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Why Nobody Went To Jail For The Great Financial Crisis

On the tenth anniversary of the bankruptcy of Lehman Brothers, the media is full of articles questioning why nobody went to jail for the Great Financial Crisis that followed. Take, for instance, A crisis nobody went to jail for.

According to most of these articles, the GFC happened beause of greed, laziness, cronyism and cheating by banks.

We can straight away toss out greed, laziness and cronyism – they’re not crimes.

While cheating is a criminal offence, banks and financial institutions are arguably not guilty of this charge.

According to Michael Lewis’s bestseller “The Big Short” and many other accounts of the GFC, this is what happened:

Mortgage originators wrote home loans to Americans eager to achieve the “American Dream” of home ownership, FIs packaged the mortgages into Mortgage Backed Security and sold it to other FIs, who packaged MBS into Collateralized Debt Obligation and sold it to some other FIs, who packaged CDOs into CDO-square, and … .

On and on it went and loans were packaged into more and more fancy structured financial products and sold by one financial institution to another. It was product innovation at its best.

Borrowers were happy because they could buy bigger houses. FIs were happy because they earned fat fee income at every stage. Business was booming.

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According to the popular narrative, financial institutions hid the toxic nature of their assets. But that's simply not true. Instead they disclosed the exact composition of their structured financial products to Credit Rating Agencies. They needed to do this in order to get their products rates, which was a a prerequisite for selling them to other financial institutions. If anything, banks revealed too much, not too little. CRAs gave these products AAA or AA ratings, probably because they missed what Malcom Gladwell called “the sleazy stuff in footnote 42” of the applications forms they received from banks.

In hindsight, these products deserved junk-grade ratings. But, at the time, buyers had every incentive to take the AAA and AA ratings at face value because they could repackage whatever they bought into another product and sell it along to the next guy in the chain. It was like a game of “passing the parcel” – nobody stops to inspect what’s in the parcel lest the music stop when they’re still holding the parcel. In other words, no one wanted to be caught holding the package when the music inevitably stopped.

It was only when overextended borrowers (9% of the total) started missing their repayments years later that these originally-pristine products started turning toxic.

Banks might have exhibited a blithe attitude, but that’s not a crime. (Apparently some banks colluded with valuation agencies to inflate the price of homes. That’s a civic - not criminal - offence and many banks did get fined for that. More on that in a bit).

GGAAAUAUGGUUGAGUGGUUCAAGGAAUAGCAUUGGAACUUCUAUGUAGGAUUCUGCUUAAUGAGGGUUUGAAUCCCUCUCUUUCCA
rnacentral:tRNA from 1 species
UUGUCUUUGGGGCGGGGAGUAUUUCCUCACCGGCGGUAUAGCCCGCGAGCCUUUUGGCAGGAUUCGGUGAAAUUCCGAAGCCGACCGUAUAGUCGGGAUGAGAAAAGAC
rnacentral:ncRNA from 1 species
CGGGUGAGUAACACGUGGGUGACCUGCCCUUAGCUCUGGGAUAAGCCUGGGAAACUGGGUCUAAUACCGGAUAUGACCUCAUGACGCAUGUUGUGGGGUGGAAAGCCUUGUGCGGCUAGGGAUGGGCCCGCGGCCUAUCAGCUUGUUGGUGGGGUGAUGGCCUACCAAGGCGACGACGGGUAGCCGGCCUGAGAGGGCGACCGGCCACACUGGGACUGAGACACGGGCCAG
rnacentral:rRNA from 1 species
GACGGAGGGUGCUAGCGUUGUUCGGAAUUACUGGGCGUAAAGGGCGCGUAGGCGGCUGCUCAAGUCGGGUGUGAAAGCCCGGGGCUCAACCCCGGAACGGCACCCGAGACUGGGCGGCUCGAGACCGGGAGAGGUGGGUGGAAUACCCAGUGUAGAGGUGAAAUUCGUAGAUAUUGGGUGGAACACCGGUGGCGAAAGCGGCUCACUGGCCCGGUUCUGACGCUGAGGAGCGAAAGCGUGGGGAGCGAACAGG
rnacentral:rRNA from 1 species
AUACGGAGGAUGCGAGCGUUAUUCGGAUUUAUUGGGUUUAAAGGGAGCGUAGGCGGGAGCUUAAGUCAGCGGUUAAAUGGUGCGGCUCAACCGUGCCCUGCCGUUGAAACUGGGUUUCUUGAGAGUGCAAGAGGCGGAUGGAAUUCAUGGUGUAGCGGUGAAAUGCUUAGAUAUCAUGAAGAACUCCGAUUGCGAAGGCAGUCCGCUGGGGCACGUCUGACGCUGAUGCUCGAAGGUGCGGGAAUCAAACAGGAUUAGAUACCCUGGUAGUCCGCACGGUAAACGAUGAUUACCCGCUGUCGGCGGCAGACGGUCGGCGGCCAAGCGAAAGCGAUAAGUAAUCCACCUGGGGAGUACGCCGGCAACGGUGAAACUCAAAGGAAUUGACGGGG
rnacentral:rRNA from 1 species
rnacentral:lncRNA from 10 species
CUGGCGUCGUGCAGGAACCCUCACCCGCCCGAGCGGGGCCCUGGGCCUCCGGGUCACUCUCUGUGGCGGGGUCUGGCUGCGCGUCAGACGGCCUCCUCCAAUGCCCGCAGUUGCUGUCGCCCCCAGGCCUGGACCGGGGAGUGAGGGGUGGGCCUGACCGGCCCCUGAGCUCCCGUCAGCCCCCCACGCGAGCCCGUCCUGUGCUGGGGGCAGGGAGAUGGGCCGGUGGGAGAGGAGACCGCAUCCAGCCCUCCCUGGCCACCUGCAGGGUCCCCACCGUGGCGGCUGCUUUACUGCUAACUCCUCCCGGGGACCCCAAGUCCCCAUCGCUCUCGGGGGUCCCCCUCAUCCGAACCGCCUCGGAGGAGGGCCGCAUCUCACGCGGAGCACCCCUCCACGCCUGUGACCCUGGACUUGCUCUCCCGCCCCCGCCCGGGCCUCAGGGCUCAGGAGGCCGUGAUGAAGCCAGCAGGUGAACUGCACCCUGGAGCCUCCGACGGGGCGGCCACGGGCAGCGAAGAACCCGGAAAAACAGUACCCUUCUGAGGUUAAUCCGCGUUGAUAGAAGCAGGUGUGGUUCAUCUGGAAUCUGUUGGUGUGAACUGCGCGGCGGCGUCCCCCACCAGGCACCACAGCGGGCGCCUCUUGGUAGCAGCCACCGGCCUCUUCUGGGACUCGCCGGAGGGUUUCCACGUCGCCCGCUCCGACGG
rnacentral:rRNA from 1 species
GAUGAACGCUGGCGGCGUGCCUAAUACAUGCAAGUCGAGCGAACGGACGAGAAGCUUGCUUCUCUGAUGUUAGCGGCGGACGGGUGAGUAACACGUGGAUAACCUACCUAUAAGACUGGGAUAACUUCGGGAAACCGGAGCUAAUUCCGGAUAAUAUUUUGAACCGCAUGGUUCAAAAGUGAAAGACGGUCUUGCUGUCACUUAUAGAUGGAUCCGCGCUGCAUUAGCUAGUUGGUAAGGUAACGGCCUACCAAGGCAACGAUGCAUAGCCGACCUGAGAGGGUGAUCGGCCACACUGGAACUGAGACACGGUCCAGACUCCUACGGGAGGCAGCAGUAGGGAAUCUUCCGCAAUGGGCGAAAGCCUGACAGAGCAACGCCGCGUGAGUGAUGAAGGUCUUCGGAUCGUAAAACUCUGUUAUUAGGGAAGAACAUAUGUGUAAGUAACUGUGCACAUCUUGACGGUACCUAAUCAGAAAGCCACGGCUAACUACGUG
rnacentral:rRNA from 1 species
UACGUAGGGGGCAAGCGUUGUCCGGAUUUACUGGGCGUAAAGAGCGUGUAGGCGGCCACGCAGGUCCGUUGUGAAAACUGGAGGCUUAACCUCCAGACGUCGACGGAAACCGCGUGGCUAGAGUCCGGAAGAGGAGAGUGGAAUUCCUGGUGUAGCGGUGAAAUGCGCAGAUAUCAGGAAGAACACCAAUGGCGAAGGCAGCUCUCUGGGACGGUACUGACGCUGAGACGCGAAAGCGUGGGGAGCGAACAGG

(https://twitter.com/s_ketharaman/status/1041695543930564609)

While CRAs were guilty of incompetence in giving high ratings to these products, incompetence is not a crime, either. It’s also perhaps a testimony to the intrinisic complexity of the task of rating that the same CRAs enjoy 94% share of the ratings market ten years later.

While all this was happening, a few finance industry honchos like Dr. Michael Bury and Steve Eisman pored over the aforementioned prospectuses and spotted the toxic ingredients in the MBSs, CDOs and CDO2s. They rightly predicted that the music would stop imminently and shorted the subprime mortgage market. When their bets proved right, they made a killing.

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As for chances of a similar crisis happening in future, Wall Street banks just launched even fancier synthetic products based on Bitcoin. There’s still no law to stop them from packaging these products and selling them to one another the way they did last time. So the powder keg is already in place.

What's missing is the spark. Probably in the interest of political correctness, the media conveniently ignores the role of the consumer in the last GFC. It was the consumer who borrowed more than his or her ability to repay (which is also not a crime). It was the consumer’s default in repayments that set off the whole chain of events that eventually precipitated the last crisis.

Unless the common man takes greater responsibility for their financial actions, I’m afraid, sparks will fly soon.

I’m not alone. Fortune predicts the same in its recent cover story entitled The End is Near. In another piece titled How to Spot the Next Financial Crisis, the magazine observes, “The main causes of the last crisis—human self-delusion and irrationality—will be the main causes of the next one. If that seems unbearably depressing, cheer up: It tells us what to watch out for.”

The last crisis was undergirded by physical assets in the form of homes. The next one, if and when it happens, will  have 1s and 0s floating around in cyberspace.

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Contrary to the popular narrative, one person actually went to jail for GFC: Kareem Serageldin, former Managing Director / Global Head of Structured Credit in the Investment Banking Division of Credit Suisse Group. According to Wikipedia, Serageldin “was sentenced to 30 months in prison in connection with a scheme to hide more than $100 million in losses in a mortgage-backed securities trading book at Credit Suisse.”

But, since he was a midlevel functionary in a tier two financial institution, you might still think the industry got away lightly.

That’s not entirely true. According to Wall Street Journal, the six largest US banks have paid at least $110 billion in penalties related to the crisis.

So they didn't get away scot-free, after all.

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